Twitter Terrorists: False information + positive feedbacks = real panic

Another example of how false information, amplified through positive feedbacks, can lead to real panic: in Veracruz Mexico two people posted messages on twitter reporting kidnappings at a local school. The messages spread rapidly through social media leading frightened parents to rush to try and save their children. The panic caused dozens of car accidents and jammed the city's emergency phone lines.

Amnesty International was quoted saying, "The lack of safety creates an atmosphere of mistrust in which rumours that circulate on social networks are part of people's efforts to protect themselves, since there is very little trustworthy information." As with many "tipping point" phenomenon, before the spark that set off the visible cascade, there was most likely a "contextual tipping point" that made the resulting contagion possible. Governments or managers have to realize that the only way to reliably prevent these cascades is by changing the context, not by stamping out all of the sparks.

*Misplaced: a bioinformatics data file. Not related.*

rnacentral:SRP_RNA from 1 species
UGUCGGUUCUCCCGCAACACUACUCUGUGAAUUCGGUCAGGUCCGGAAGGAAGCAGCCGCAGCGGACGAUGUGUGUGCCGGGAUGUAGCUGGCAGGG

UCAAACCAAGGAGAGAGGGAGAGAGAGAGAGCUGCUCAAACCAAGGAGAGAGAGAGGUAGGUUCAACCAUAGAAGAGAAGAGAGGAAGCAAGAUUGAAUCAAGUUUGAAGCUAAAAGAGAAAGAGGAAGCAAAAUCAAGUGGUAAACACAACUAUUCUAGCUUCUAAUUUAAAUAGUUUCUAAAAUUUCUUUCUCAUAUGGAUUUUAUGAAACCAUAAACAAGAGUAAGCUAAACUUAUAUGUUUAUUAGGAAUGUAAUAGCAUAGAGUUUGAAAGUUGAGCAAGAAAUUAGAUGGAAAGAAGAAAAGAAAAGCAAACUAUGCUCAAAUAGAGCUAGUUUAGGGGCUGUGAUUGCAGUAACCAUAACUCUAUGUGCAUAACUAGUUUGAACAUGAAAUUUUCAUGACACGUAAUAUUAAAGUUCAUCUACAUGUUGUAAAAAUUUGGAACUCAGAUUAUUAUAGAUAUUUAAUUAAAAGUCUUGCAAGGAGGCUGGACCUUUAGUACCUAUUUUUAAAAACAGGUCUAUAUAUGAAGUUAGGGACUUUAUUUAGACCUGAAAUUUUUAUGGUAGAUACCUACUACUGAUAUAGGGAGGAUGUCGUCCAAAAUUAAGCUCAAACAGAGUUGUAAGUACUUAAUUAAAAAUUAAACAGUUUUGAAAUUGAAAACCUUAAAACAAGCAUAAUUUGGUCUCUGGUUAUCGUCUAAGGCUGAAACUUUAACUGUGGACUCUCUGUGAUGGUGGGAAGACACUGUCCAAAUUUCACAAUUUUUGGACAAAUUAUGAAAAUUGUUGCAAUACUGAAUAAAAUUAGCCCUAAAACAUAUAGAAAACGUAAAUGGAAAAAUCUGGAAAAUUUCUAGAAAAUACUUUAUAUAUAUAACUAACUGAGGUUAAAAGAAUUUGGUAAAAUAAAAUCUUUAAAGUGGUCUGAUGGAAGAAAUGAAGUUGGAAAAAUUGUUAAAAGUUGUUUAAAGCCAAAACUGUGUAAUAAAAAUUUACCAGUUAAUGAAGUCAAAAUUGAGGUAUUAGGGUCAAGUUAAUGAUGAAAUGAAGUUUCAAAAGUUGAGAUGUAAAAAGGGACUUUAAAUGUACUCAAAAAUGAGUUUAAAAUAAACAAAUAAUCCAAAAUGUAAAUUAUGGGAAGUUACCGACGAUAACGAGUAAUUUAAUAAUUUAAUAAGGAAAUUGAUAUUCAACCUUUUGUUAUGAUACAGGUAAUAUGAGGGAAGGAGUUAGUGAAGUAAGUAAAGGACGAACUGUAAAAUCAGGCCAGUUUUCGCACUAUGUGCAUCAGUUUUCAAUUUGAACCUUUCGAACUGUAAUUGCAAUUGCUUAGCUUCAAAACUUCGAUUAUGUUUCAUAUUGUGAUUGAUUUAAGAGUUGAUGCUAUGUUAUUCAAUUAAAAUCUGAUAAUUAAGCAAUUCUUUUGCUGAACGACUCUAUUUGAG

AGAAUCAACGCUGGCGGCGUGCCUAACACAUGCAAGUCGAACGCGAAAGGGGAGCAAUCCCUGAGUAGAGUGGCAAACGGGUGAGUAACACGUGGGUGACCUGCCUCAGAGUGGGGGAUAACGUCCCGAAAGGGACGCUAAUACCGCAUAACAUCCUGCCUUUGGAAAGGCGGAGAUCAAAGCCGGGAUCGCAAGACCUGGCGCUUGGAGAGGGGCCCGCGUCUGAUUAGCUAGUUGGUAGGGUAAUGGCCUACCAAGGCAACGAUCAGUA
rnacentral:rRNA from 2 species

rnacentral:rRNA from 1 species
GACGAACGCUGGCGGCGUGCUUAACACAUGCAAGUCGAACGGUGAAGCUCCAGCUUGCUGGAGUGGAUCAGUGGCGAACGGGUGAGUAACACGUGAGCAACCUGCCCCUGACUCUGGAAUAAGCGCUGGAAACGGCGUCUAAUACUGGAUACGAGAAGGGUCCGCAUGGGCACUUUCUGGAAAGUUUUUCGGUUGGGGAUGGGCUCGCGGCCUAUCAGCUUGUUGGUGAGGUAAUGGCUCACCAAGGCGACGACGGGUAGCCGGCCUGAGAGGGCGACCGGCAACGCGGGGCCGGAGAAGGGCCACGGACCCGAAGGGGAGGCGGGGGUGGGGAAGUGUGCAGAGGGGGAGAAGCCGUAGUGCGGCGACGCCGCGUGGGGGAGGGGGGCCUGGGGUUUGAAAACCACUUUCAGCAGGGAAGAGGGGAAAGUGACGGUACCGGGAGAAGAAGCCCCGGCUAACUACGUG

"Social Media in Tornado Alley"

A recent New York Times newsletter contained an article, "Social Media in Tornado Alley," in which they describe how resident posted YouTube videos and reporter Twitter feeds contributed to their coverage of the tornado devastation in Joplin, Missouri.  They created a video by piecing together YouTube clips and their reporter Brian Stelter, "immediately began filing a stream of Twitter updates that provide a unique and up to the second account of what he was seeing on the ground there."

It's interesting to see how the Times and other "traditional" news organizations are folding social media into their portfolio.  On the one hand, social media is seen as a challenge to traditional news sources, since so much information is available via the Web. But, I think we're seeing how organizations like the Times can serve as curators of this information by collecting the most interesting/important/reliable pieces and adding expert commentary and analysis.

"I mourn the loss of thousands of precious lives ... "

There is a great story on the Atlantic’s website about a fake quotation that exploded on Facebook and Twitter after Osama Bin Laden’s death.  The quote, wrongly attributed to Martin Luther King Jr. is:

“I mourn the loss of thousands of precious lives, but I will not rejoice in the death of one, not even an enemy.”